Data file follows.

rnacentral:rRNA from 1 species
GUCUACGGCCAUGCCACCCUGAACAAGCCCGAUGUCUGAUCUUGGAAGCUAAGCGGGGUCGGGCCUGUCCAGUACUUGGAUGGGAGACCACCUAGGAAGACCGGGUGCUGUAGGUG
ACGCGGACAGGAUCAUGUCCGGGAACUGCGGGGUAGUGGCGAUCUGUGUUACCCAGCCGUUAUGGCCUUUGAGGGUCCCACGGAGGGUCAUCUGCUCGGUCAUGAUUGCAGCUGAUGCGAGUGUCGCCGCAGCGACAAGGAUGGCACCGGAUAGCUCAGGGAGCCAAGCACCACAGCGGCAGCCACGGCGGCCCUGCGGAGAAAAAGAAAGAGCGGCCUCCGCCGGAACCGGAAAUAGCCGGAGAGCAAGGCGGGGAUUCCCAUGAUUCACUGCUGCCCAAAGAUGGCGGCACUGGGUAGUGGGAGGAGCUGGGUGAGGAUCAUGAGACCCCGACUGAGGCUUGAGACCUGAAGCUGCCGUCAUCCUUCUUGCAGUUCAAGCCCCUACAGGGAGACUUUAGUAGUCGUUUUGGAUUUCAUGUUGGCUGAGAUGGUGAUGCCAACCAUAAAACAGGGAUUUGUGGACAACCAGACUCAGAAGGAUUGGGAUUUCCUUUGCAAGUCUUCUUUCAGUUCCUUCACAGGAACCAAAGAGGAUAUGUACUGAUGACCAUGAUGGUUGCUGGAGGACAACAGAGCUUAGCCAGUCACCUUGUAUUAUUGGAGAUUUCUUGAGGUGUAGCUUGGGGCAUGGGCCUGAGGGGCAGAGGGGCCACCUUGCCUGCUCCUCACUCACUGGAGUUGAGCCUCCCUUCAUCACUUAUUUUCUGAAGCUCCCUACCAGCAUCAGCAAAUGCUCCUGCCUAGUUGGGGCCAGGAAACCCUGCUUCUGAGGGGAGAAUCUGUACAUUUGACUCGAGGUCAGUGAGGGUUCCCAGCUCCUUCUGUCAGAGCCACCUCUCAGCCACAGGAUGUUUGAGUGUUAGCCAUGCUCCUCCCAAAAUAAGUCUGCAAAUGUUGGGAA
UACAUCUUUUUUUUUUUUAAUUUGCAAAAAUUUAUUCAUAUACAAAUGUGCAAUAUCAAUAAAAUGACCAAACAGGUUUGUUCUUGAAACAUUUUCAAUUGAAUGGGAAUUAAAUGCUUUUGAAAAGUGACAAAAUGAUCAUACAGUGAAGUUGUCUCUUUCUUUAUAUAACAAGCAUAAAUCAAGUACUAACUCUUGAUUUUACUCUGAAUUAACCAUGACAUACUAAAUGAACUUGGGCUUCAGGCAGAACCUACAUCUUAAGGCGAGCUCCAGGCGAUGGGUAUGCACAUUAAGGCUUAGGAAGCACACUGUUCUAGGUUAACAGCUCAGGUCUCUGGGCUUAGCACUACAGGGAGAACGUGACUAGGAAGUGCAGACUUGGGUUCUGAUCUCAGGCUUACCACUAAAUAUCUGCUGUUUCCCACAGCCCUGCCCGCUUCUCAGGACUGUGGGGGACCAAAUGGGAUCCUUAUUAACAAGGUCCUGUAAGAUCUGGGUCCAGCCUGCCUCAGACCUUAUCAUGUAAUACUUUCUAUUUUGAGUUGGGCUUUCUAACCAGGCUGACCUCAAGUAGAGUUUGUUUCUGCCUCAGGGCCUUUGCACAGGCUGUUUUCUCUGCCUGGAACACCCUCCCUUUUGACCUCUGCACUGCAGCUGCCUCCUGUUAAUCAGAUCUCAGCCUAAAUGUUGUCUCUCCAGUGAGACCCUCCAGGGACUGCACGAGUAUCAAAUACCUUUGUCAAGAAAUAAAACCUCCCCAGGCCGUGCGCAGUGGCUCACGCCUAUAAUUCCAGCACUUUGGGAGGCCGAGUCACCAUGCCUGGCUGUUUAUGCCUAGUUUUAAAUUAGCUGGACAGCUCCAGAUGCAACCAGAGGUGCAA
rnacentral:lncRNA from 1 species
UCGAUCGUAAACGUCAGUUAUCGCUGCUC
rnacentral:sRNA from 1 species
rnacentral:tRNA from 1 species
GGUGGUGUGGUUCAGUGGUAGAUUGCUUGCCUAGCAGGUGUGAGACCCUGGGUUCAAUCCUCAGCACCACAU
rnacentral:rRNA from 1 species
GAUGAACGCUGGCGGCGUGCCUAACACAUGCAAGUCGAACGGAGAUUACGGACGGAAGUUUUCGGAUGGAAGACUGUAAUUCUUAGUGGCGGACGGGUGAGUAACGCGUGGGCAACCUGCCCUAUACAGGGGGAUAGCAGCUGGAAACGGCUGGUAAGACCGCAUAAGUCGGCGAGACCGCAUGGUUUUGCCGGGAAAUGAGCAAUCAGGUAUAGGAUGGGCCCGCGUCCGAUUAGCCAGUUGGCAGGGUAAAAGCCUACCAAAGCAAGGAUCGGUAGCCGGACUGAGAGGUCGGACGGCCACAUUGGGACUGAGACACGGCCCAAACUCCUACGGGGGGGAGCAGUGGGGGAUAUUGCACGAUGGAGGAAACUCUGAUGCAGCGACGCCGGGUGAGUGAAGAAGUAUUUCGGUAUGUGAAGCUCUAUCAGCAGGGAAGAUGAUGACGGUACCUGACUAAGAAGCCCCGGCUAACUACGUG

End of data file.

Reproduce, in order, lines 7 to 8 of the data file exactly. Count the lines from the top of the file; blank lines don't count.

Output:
rnacentral:sRNA from 1 species
rnacentral:tRNA from 1 species